Lyon, Rhône-Alpes, FRA


Growing up in both Yaound (Cameroun) and Paris, singer-songwriter Sandra Nkak was used to being tossed back and forth between two cultures and two climates, often with very contrasting social codes. As a refuge, she chose to bury herself in cinema, literature and music.
Her teenage bedroom was filled with the sounds of Leonard Cohens Sisters of Mercy and Tom Waits Blue Valentine, with Taxi Driver and the films of Sergio Leone and John Houston, with the shadows and light of Auguste Renoir and the colours of Matisse, with books like The Hotel New Hampshire and Boule de Suif and with the writings of Boris Vian and Chester Himes.
These stories transported her into a world where the adults are violent and distant, to the point where she began to imagine a parallel universe, peopled with the old lady with the white hat, Pompidou (modelled on a crazy young woman in her neighbourhood) and the doughnut seller of North Nkongkak. These characters came to life in her own secret stories that she accompanied with a soundtrack provided by her own voice.
This mad but joyful imaginary world gave her the strength to believe in life and her ability to take a step towards others while remaining faithful to her convictions, without betraying herself, without compromise. From that point on, fate and the people she encountered were her guardian angels.
Her studies at the Sorbonne in Paris first to become a journalist and then an English teacher did not hold her back for long and she began to live a double life as a singer and an actress working with Thomas Le Douarec, Pierre Pradinas, Lea Fazer, Alain Maratrat, Phillys Roome, and Praline Gay Para in pieces that blended theatre and music.
But the singer inside her came to the fore and she began to make a name for herself in the Paris music scene of the noughties, both in the studio and on stage, working with artists from different backgrounds, but only those with whom she felt a real affinity: Jacques Higelin, Daniel Yvinec and the National Jazz Orchestra, Juan Rozoff, Booster, Julien Lourau, Troublemakers, Ollano, Grald Toto, Rodolphe Burger, Nana Vasconcelos, Ji Mob and of course, her group project, Push Up.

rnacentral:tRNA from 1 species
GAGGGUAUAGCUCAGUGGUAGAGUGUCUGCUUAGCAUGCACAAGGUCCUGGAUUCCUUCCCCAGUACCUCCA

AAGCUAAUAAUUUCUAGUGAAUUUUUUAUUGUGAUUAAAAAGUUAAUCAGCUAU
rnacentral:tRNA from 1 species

It was at this time that she decided to begin working on her own material. The result was her first album, Mansaadi, released in 2008. She has since matured into an artist and performer with an extraordinary, multi-faceted voice deep, powerful, but fragile too and a unique stage presence that never fails to seduce those who see her live. Mansaadi is about love, sharing, dialogue, sincerity, and all the things that she is to her core: a woman-child, a woman-boy, a mother, a woman who is free and who trusts her instincts. She is never where we expect to find her. Her voice veers from mock-opera to folk to gut-wrenching blues, drawing us ever-deeper in to her stories. She has toured extensively, with three years crisscrossing France, culminating in a packed house at La Cigale in Paris, then the clubs of Central Africa (where she played in 13 countries), Mexico and Brazil.
Today, she is unveiling her second album. Conceived and recorded at home, Nothing for Granted is a blend of soul, pop-rock and a film soundtrack atmosphere. The songs recount everyday tales of individual and collective paths that cross and intertwine, and the existential choices they provoke.

Nothing For Granted is a vocal voyage fuelled by the energy of the songs protagonists as they seek to define or redefine their respective destinies. Epic, poetic or explosive, the music gains its power from their strength and their cries of freedom.

"The album was born out of a desire to tell those little everyday stories that give life its poetry and which when joined together, form a much bigger picture explains Sandra Nkak, who wrote the album with her long-time accomplice, the flautist and producer J Dr. They spent one year in an apartment transformed into a studio, where they dreamt up and gave life


March 2012 - Nothing For Granted - Jazz Village
2009 - Mansaadi - Naive